Wednesday Mar 24 2010
$1.6 M OK’d for field upgrades while cuts sought elsewhere
By: Lauren Gibbs, The Placer Herald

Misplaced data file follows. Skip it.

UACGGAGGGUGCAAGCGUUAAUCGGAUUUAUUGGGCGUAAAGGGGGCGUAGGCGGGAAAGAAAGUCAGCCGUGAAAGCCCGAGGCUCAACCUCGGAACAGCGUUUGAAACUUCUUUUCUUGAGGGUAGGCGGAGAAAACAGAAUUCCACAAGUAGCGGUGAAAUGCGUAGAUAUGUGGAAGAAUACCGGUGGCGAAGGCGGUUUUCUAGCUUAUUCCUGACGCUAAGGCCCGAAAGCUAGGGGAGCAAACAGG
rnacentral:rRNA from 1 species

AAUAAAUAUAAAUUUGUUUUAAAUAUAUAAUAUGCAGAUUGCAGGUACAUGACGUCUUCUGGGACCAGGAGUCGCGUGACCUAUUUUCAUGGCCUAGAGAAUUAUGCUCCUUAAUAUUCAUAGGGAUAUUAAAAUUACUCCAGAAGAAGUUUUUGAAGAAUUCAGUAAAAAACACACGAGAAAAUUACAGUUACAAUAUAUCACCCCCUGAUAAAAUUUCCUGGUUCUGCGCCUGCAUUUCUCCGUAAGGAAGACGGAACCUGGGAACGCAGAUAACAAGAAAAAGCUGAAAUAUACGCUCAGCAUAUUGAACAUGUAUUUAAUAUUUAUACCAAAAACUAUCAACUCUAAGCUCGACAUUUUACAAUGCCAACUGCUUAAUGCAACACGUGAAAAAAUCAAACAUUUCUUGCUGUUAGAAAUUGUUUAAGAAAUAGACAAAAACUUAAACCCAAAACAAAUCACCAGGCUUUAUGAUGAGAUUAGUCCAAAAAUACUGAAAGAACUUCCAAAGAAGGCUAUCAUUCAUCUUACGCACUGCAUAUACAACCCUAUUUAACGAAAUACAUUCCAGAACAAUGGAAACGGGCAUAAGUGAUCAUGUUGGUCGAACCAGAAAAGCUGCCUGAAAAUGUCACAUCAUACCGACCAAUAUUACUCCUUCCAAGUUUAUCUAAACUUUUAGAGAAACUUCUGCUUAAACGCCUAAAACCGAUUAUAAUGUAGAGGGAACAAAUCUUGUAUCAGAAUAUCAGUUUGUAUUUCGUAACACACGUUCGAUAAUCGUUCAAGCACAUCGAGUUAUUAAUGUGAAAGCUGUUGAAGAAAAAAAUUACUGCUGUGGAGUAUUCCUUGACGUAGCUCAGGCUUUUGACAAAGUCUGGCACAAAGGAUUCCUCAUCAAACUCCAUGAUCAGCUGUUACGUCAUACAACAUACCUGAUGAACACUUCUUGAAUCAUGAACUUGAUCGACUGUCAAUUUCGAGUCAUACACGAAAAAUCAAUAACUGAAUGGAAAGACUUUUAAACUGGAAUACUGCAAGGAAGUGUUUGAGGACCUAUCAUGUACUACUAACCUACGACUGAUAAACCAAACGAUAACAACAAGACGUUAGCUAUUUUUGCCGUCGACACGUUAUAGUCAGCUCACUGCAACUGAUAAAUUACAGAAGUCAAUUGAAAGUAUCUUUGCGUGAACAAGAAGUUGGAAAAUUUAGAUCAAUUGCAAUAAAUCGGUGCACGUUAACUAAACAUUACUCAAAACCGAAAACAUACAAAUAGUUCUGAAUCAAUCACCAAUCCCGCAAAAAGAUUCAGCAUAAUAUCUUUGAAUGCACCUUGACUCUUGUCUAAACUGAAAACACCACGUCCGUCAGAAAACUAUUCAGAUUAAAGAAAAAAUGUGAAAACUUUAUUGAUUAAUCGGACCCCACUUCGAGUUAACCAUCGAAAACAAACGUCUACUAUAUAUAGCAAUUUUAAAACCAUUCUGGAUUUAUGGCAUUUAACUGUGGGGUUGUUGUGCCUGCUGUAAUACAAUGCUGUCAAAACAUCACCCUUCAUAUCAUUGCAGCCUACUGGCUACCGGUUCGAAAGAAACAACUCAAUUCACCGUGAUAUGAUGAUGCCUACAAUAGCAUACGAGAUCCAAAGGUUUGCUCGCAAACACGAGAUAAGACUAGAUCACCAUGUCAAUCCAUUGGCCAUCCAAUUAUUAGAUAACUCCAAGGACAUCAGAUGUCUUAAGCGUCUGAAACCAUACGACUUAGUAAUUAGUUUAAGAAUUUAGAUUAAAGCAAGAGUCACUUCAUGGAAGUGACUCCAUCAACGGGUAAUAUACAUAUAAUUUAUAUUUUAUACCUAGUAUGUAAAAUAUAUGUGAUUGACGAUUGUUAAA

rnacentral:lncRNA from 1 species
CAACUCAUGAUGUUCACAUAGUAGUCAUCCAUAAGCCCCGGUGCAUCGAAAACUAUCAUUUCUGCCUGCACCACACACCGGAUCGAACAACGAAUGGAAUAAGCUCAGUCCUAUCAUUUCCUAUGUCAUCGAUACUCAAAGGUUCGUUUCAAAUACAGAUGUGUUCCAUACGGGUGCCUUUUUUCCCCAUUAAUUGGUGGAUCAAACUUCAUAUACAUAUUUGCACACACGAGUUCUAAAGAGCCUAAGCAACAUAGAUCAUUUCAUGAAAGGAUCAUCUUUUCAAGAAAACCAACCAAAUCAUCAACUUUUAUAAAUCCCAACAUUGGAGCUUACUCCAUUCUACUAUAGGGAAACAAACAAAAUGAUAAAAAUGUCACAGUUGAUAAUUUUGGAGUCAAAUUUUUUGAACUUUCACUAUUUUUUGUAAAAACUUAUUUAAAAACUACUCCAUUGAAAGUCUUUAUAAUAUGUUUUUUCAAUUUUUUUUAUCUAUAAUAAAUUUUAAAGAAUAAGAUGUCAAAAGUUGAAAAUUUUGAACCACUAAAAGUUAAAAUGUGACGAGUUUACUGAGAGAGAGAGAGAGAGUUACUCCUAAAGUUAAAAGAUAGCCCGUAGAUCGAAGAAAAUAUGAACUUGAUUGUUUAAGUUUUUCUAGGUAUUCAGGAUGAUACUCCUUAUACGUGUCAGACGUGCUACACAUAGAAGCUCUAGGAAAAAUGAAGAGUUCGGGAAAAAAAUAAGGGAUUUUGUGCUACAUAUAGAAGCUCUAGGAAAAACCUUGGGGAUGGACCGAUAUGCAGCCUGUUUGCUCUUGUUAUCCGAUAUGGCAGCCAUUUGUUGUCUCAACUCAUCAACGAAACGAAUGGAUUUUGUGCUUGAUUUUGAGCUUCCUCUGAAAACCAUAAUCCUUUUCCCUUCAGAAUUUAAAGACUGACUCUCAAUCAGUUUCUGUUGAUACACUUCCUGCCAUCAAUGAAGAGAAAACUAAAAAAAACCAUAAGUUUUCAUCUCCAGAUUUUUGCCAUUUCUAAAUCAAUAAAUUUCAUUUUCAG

Rocklin Unified recently approved $1.6 million for football field upgrades at Rocklin High, despite the district’s $8 million deficit. Larry Stark, assistant superintendent of facilities and operations, explained to board members that the money cannot be used for salaries or to save programs. The fund is restricted to use for capital facilities only, as restricted by the state. But that didn’t stop the feeling of “awkwardness” for trustees approving more than a million dollars in improvements, when cuts are being considered across the board. “It just feels odd to me,” Trustee Camille Maben said at last Wednesday’s board meeting. Board president Wendy Lang agreed with Maben. “It’s very clear that this money can not be used for any type of compensation … and what we need it for,” she said. “There’s definitely the perception out there that we’re spending $1.6 million on a football field – you’ve laid off teachers and you’re spending all this money and it just feels awkward.” The upgrades include replacing Rocklin High’s turf football field with synthetic turf, replacing the shot put area and resurfacing the tennis courts. In addition to approving upgrades at Rocklin High, trustees reiterated that district employees will feel the effects of the $8 million deficit. Trustees are seriously looking into a wide range of programs and areas of education that could be put on the chopping block. Trustee Todd Lowell said this year’s position is worse than last year. “Every employee in the district will feel the impact of an $8 million deficit,” he said. “This is not a one-year situation. We’re put into a difficult situation.” Last year, employee furlough days and retirement incentive deals filled most of the budget gap for the current school year. But this year, trustees agree the impact will be felt. Barbara Patterson, associate superintendent of business services, said she believes the district can meet the financial obligations for this year, but may not be able to for the next two years. “This is such an uncertain time … the Legislature doesn’t know what to do … our revenues are changing,” Patterson said. The advisory board for the middle school academies programs and the nursing staff were two potential areas of cutbacks trustees are considering. But representatives from both areas shared why each are beneficial to Rocklin’s students. Janet Borrmann, a teacher with the middle school academies, said she sees the loss of the advisory board as a loss of the academy system. The academy system in Rocklin’s middle schools is a 20-year-program that consists of a group of two to four teachers sharing a common group of students. The advisory board within the academies allow for planning, Borrmann said. At the nursing level, currently RUSD has 3.1 full-time equivalent nursing staff. Part of the school nurses’ roles include assisting students with diabetes, cerebral palsy, allergies, seizures, cystic fibrosis, down syndrome and other medical issues. Nurses also conduct vision screenings, scoliosis tests, head lice checks and support proper hygiene. No decisions have been made yet in regards to cuts at Rocklin schools. But trustees have been working with Rocklin Teachers Professional Association to reach a possible agreement among employees. “The employee groups are going to be doing something,” RTPA President Barbara Scott said. “The employee groups alone can not come up with the $8 million … but there will be some concessions made. We realize how serious the situation is.” The next Rocklin Unified School District board of trustees meeting will be held at 7 p.m. April 7 at the district office, 2615 Sierra Meadows Drive.